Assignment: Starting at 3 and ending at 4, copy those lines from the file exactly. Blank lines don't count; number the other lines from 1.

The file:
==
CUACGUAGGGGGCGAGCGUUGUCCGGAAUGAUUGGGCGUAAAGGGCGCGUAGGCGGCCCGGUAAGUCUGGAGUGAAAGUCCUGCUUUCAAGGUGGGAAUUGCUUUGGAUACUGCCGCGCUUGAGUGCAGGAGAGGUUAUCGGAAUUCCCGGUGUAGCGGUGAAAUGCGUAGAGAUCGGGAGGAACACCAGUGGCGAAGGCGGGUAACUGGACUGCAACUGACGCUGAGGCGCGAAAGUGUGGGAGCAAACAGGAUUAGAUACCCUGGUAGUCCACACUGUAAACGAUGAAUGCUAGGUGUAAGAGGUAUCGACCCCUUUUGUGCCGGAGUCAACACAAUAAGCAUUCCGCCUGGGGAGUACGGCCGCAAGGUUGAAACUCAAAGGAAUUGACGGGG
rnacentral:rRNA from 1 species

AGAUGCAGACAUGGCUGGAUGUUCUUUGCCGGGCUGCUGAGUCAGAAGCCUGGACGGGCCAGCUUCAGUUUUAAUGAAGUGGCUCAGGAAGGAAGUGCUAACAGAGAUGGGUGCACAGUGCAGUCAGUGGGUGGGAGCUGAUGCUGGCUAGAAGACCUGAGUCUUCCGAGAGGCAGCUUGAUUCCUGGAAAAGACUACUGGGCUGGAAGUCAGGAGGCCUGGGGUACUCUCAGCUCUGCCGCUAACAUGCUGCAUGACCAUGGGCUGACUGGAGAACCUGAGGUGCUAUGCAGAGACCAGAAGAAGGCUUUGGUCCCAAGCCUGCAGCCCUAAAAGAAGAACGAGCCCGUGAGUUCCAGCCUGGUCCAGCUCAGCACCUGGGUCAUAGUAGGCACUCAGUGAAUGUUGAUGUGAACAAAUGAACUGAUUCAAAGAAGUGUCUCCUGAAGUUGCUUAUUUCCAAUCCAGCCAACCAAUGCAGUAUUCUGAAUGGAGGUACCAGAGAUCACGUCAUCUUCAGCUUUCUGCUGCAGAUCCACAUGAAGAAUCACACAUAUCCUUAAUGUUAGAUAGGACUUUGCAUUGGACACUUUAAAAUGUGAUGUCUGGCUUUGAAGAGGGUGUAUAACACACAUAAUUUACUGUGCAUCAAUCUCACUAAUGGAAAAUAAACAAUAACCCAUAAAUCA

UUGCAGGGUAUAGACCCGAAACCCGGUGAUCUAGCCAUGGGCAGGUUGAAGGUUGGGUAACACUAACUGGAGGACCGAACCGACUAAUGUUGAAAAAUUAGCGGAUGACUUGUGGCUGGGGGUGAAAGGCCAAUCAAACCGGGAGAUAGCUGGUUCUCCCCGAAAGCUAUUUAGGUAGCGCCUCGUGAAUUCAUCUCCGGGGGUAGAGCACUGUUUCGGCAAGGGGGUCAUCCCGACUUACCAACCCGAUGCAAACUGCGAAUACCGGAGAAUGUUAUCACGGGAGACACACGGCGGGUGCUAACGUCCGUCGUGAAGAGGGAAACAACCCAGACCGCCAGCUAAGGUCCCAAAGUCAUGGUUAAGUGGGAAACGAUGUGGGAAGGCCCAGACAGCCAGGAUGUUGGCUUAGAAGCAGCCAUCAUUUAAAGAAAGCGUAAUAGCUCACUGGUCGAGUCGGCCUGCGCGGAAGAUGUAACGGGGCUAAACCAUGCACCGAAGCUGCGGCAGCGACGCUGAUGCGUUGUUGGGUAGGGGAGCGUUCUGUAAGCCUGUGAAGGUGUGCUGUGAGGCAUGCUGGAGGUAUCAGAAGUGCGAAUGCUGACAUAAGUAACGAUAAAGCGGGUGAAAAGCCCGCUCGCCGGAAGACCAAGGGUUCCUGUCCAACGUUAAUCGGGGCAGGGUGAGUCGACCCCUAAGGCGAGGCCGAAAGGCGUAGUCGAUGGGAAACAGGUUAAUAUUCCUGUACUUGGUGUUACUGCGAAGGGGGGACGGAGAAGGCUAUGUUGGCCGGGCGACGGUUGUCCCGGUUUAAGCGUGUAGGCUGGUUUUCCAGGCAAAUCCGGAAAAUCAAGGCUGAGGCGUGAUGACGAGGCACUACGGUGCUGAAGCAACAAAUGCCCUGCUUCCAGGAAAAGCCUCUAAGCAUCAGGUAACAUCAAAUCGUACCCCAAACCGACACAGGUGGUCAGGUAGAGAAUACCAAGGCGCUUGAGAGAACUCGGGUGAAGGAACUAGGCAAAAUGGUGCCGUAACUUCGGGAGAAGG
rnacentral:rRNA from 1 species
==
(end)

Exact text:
AGAUGCAGACAUGGCUGGAUGUUCUUUGCCGGGCUGCUGAGUCAGAAGCCUGGACGGGCCAGCUUCAGUUUUAAUGAAGUGGCUCAGGAAGGAAGUGCUAACAGAGAUGGGUGCACAGUGCAGUCAGUGGGUGGGAGCUGAUGCUGGCUAGAAGACCUGAGUCUUCCGAGAGGCAGCUUGAUUCCUGGAAAAGACUACUGGGCUGGAAGUCAGGAGGCCUGGGGUACUCUCAGCUCUGCCGCUAACAUGCUGCAUGACCAUGGGCUGACUGGAGAACCUGAGGUGCUAUGCAGAGACCAGAAGAAGGCUUUGGUCCCAAGCCUGCAGCCCUAAAAGAAGAACGAGCCCGUGAGUUCCAGCCUGGUCCAGCUCAGCACCUGGGUCAUAGUAGGCACUCAGUGAAUGUUGAUGUGAACAAAUGAACUGAUUCAAAGAAGUGUCUCCUGAAGUUGCUUAUUUCCAAUCCAGCCAACCAAUGCAGUAUUCUGAAUGGAGGUACCAGAGAUCACGUCAUCUUCAGCUUUCUGCUGCAGAUCCACAUGAAGAAUCACACAUAUCCUUAAUGUUAGAUAGGACUUUGCAUUGGACACUUUAAAAUGUGAUGUCUGGCUUUGAAGAGGGUGUAUAACACACAUAAUUUACUGUGCAUCAAUCUCACUAAUGGAAAAUAAACAAUAACCCAUAAAUCA

UUGCAGGGUAUAGACCCGAAACCCGGUGAUCUAGCCAUGGGCAGGUUGAAGGUUGGGUAACACUAACUGGAGGACCGAACCGACUAAUGUUGAAAAAUUAGCGGAUGACUUGUGGCUGGGGGUGAAAGGCCAAUCAAACCGGGAGAUAGCUGGUUCUCCCCGAAAGCUAUUUAGGUAGCGCCUCGUGAAUUCAUCUCCGGGGGUAGAGCACUGUUUCGGCAAGGGGGUCAUCCCGACUUACCAACCCGAUGCAAACUGCGAAUACCGGAGAAUGUUAUCACGGGAGACACACGGCGGGUGCUAACGUCCGUCGUGAAGAGGGAAACAACCCAGACCGCCAGCUAAGGUCCCAAAGUCAUGGUUAAGUGGGAAACGAUGUGGGAAGGCCCAGACAGCCAGGAUGUUGGCUUAGAAGCAGCCAUCAUUUAAAGAAAGCGUAAUAGCUCACUGGUCGAGUCGGCCUGCGCGGAAGAUGUAACGGGGCUAAACCAUGCACCGAAGCUGCGGCAGCGACGCUGAUGCGUUGUUGGGUAGGGGAGCGUUCUGUAAGCCUGUGAAGGUGUGCUGUGAGGCAUGCUGGAGGUAUCAGAAGUGCGAAUGCUGACAUAAGUAACGAUAAAGCGGGUGAAAAGCCCGCUCGCCGGAAGACCAAGGGUUCCUGUCCAACGUUAAUCGGGGCAGGGUGAGUCGACCCCUAAGGCGAGGCCGAAAGGCGUAGUCGAUGGGAAACAGGUUAAUAUUCCUGUACUUGGUGUUACUGCGAAGGGGGGACGGAGAAGGCUAUGUUGGCCGGGCGACGGUUGUCCCGGUUUAAGCGUGUAGGCUGGUUUUCCAGGCAAAUCCGGAAAAUCAAGGCUGAGGCGUGAUGACGAGGCACUACGGUGCUGAAGCAACAAAUGCCCUGCUUCCAGGAAAAGCCUCUAAGCAUCAGGUAACAUCAAAUCGUACCCCAAACCGACACAGGUGGUCAGGUAGAGAAUACCAAGGCGCUUGAGAGAACUCGGGUGAAGGAACUAGGCAAAAUGGUGCCGUAACUUCGGGAGAAGG